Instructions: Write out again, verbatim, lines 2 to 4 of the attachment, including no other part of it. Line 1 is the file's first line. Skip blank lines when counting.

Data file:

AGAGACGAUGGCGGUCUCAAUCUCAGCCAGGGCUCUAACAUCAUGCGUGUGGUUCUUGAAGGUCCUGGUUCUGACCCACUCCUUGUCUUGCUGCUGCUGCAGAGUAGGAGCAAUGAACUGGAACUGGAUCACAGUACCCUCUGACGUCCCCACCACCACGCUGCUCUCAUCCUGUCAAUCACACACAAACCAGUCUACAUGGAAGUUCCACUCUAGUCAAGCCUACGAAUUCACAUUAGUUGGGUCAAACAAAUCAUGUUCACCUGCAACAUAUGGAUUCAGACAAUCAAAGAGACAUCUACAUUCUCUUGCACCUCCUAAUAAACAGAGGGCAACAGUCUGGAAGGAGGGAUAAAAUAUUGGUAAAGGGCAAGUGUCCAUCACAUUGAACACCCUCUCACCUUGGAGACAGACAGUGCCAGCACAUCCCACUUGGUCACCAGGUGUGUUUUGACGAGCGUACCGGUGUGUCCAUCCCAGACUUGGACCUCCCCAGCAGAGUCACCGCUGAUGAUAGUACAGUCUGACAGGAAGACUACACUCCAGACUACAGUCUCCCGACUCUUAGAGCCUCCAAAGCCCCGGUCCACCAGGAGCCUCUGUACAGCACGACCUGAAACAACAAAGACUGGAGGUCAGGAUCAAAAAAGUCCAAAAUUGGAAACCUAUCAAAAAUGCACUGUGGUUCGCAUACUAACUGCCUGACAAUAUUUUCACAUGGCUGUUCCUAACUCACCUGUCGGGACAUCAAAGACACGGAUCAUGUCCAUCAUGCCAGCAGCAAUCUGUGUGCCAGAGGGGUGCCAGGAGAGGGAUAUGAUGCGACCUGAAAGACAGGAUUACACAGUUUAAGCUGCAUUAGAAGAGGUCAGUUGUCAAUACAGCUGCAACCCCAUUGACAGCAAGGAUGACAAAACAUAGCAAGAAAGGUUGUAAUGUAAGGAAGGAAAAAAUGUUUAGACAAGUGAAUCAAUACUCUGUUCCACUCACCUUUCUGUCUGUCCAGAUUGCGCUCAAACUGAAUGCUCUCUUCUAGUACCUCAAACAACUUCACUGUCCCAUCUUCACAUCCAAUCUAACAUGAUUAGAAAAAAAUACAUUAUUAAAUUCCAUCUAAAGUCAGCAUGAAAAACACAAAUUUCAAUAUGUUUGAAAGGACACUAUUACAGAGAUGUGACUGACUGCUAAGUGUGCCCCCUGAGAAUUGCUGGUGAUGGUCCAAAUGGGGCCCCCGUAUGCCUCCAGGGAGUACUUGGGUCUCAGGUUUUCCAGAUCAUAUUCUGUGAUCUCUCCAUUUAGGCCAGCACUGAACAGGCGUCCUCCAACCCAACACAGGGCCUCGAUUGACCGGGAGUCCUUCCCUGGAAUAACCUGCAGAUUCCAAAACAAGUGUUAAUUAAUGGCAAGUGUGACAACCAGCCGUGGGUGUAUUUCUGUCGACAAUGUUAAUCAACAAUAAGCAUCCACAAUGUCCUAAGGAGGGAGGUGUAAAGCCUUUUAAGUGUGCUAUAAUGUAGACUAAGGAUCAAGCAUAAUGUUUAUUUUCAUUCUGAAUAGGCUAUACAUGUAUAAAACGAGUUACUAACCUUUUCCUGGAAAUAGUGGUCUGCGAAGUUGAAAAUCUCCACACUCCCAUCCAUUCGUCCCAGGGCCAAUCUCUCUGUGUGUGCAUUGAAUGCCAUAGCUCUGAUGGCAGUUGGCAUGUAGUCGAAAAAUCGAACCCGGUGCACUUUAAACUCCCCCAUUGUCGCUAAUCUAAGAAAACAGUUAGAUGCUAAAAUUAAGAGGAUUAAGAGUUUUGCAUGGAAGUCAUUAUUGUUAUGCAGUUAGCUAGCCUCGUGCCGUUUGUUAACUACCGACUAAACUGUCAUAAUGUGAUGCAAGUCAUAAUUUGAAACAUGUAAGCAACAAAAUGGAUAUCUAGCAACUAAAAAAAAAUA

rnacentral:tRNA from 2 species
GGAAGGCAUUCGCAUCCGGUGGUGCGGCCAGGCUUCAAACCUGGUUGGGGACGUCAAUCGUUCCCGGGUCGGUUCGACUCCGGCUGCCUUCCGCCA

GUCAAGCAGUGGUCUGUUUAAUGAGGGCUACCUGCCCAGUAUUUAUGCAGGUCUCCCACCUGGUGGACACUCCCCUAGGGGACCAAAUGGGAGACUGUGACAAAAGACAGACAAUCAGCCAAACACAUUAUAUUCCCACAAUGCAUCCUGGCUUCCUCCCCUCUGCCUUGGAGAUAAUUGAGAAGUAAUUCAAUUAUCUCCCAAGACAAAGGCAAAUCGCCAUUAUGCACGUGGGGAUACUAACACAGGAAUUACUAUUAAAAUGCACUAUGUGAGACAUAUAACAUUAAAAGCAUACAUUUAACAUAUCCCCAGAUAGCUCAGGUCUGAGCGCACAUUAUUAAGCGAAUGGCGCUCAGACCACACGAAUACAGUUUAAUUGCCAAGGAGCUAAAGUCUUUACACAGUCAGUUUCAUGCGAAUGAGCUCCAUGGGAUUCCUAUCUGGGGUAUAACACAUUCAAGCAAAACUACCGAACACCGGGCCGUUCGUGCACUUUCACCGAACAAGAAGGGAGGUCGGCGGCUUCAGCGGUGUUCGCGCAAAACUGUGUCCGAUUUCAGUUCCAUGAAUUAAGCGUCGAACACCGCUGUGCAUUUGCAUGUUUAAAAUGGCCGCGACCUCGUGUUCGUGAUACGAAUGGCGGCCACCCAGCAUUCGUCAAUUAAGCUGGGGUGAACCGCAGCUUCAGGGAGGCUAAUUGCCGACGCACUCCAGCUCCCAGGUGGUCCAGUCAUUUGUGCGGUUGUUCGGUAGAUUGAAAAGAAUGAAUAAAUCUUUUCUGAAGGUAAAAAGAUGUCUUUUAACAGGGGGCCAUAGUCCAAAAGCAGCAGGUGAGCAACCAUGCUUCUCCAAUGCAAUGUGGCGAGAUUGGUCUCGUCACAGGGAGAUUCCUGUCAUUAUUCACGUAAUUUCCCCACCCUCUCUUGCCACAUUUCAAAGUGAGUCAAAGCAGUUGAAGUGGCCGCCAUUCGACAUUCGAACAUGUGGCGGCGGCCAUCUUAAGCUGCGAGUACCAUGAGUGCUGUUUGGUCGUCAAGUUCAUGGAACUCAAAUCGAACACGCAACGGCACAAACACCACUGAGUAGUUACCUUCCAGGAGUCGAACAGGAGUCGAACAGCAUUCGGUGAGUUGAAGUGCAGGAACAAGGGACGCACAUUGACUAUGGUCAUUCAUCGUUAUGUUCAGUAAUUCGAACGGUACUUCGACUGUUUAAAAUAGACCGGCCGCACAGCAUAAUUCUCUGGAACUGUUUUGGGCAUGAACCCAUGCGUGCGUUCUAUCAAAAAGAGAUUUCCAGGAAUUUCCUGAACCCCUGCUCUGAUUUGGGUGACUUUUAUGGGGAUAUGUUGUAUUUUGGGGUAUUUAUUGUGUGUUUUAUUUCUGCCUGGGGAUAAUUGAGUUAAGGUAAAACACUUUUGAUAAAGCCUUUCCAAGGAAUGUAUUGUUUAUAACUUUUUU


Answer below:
rnacentral:tRNA from 2 species
GGAAGGCAUUCGCAUCCGGUGGUGCGGCCAGGCUUCAAACCUGGUUGGGGACGUCAAUCGUUCCCGGGUCGGUUCGACUCCGGCUGCCUUCCGCCA

GUCAAGCAGUGGUCUGUUUAAUGAGGGCUACCUGCCCAGUAUUUAUGCAGGUCUCCCACCUGGUGGACACUCCCCUAGGGGACCAAAUGGGAGACUGUGACAAAAGACAGACAAUCAGCCAAACACAUUAUAUUCCCACAAUGCAUCCUGGCUUCCUCCCCUCUGCCUUGGAGAUAAUUGAGAAGUAAUUCAAUUAUCUCCCAAGACAAAGGCAAAUCGCCAUUAUGCACGUGGGGAUACUAACACAGGAAUUACUAUUAAAAUGCACUAUGUGAGACAUAUAACAUUAAAAGCAUACAUUUAACAUAUCCCCAGAUAGCUCAGGUCUGAGCGCACAUUAUUAAGCGAAUGGCGCUCAGACCACACGAAUACAGUUUAAUUGCCAAGGAGCUAAAGUCUUUACACAGUCAGUUUCAUGCGAAUGAGCUCCAUGGGAUUCCUAUCUGGGGUAUAACACAUUCAAGCAAAACUACCGAACACCGGGCCGUUCGUGCACUUUCACCGAACAAGAAGGGAGGUCGGCGGCUUCAGCGGUGUUCGCGCAAAACUGUGUCCGAUUUCAGUUCCAUGAAUUAAGCGUCGAACACCGCUGUGCAUUUGCAUGUUUAAAAUGGCCGCGACCUCGUGUUCGUGAUACGAAUGGCGGCCACCCAGCAUUCGUCAAUUAAGCUGGGGUGAACCGCAGCUUCAGGGAGGCUAAUUGCCGACGCACUCCAGCUCCCAGGUGGUCCAGUCAUUUGUGCGGUUGUUCGGUAGAUUGAAAAGAAUGAAUAAAUCUUUUCUGAAGGUAAAAAGAUGUCUUUUAACAGGGGGCCAUAGUCCAAAAGCAGCAGGUGAGCAACCAUGCUUCUCCAAUGCAAUGUGGCGAGAUUGGUCUCGUCACAGGGAGAUUCCUGUCAUUAUUCACGUAAUUUCCCCACCCUCUCUUGCCACAUUUCAAAGUGAGUCAAAGCAGUUGAAGUGGCCGCCAUUCGACAUUCGAACAUGUGGCGGCGGCCAUCUUAAGCUGCGAGUACCAUGAGUGCUGUUUGGUCGUCAAGUUCAUGGAACUCAAAUCGAACACGCAACGGCACAAACACCACUGAGUAGUUACCUUCCAGGAGUCGAACAGGAGUCGAACAGCAUUCGGUGAGUUGAAGUGCAGGAACAAGGGACGCACAUUGACUAUGGUCAUUCAUCGUUAUGUUCAGUAAUUCGAACGGUACUUCGACUGUUUAAAAUAGACCGGCCGCACAGCAUAAUUCUCUGGAACUGUUUUGGGCAUGAACCCAUGCGUGCGUUCUAUCAAAAAGAGAUUUCCAGGAAUUUCCUGAACCCCUGCUCUGAUUUGGGUGACUUUUAUGGGGAUAUGUUGUAUUUUGGGGUAUUUAUUGUGUGUUUUAUUUCUGCCUGGGGAUAAUUGAGUUAAGGUAAAACACUUUUGAUAAAGCCUUUCCAAGGAAUGUAUUGUUUAUAACUUUUUU